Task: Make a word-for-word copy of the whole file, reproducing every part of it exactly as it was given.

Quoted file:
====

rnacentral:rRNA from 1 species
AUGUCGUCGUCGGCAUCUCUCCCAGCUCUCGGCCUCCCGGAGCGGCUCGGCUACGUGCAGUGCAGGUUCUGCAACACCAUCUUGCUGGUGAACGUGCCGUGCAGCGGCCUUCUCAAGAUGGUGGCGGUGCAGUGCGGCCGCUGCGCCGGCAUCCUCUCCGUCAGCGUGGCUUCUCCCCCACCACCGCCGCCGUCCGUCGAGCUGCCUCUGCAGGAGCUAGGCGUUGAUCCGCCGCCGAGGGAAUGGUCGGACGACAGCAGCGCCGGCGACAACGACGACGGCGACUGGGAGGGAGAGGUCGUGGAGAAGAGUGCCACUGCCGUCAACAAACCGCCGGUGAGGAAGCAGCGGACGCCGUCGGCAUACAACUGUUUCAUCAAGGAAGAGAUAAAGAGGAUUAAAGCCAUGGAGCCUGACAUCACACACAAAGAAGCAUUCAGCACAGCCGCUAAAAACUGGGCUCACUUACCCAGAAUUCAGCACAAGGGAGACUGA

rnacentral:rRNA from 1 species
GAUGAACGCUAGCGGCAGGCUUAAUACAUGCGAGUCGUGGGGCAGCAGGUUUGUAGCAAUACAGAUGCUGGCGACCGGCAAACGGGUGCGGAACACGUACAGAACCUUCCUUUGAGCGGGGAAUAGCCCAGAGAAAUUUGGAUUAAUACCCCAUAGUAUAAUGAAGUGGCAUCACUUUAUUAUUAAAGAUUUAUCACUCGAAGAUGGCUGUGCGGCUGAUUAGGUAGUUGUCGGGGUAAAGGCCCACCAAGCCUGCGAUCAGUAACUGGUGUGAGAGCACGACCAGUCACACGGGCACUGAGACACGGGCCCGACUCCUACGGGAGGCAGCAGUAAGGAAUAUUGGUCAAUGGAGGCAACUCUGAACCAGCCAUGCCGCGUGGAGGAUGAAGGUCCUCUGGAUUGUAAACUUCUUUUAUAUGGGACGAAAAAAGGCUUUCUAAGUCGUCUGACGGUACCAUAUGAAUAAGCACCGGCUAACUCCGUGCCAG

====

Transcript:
rnacentral:rRNA from 1 species
AUGUCGUCGUCGGCAUCUCUCCCAGCUCUCGGCCUCCCGGAGCGGCUCGGCUACGUGCAGUGCAGGUUCUGCAACACCAUCUUGCUGGUGAACGUGCCGUGCAGCGGCCUUCUCAAGAUGGUGGCGGUGCAGUGCGGCCGCUGCGCCGGCAUCCUCUCCGUCAGCGUGGCUUCUCCCCCACCACCGCCGCCGUCCGUCGAGCUGCCUCUGCAGGAGCUAGGCGUUGAUCCGCCGCCGAGGGAAUGGUCGGACGACAGCAGCGCCGGCGACAACGACGACGGCGACUGGGAGGGAGAGGUCGUGGAGAAGAGUGCCACUGCCGUCAACAAACCGCCGGUGAGGAAGCAGCGGACGCCGUCGGCAUACAACUGUUUCAUCAAGGAAGAGAUAAAGAGGAUUAAAGCCAUGGAGCCUGACAUCACACACAAAGAAGCAUUCAGCACAGCCGCUAAAAACUGGGCUCACUUACCCAGAAUUCAGCACAAGGGAGACUGA

rnacentral:rRNA from 1 species
GAUGAACGCUAGCGGCAGGCUUAAUACAUGCGAGUCGUGGGGCAGCAGGUUUGUAGCAAUACAGAUGCUGGCGACCGGCAAACGGGUGCGGAACACGUACAGAACCUUCCUUUGAGCGGGGAAUAGCCCAGAGAAAUUUGGAUUAAUACCCCAUAGUAUAAUGAAGUGGCAUCACUUUAUUAUUAAAGAUUUAUCACUCGAAGAUGGCUGUGCGGCUGAUUAGGUAGUUGUCGGGGUAAAGGCCCACCAAGCCUGCGAUCAGUAACUGGUGUGAGAGCACGACCAGUCACACGGGCACUGAGACACGGGCCCGACUCCUACGGGAGGCAGCAGUAAGGAAUAUUGGUCAAUGGAGGCAACUCUGAACCAGCCAUGCCGCGUGGAGGAUGAAGGUCCUCUGGAUUGUAAACUUCUUUUAUAUGGGACGAAAAAAGGCUUUCUAAGUCGUCUGACGGUACCAUAUGAAUAAGCACCGGCUAACUCCGUGCCAG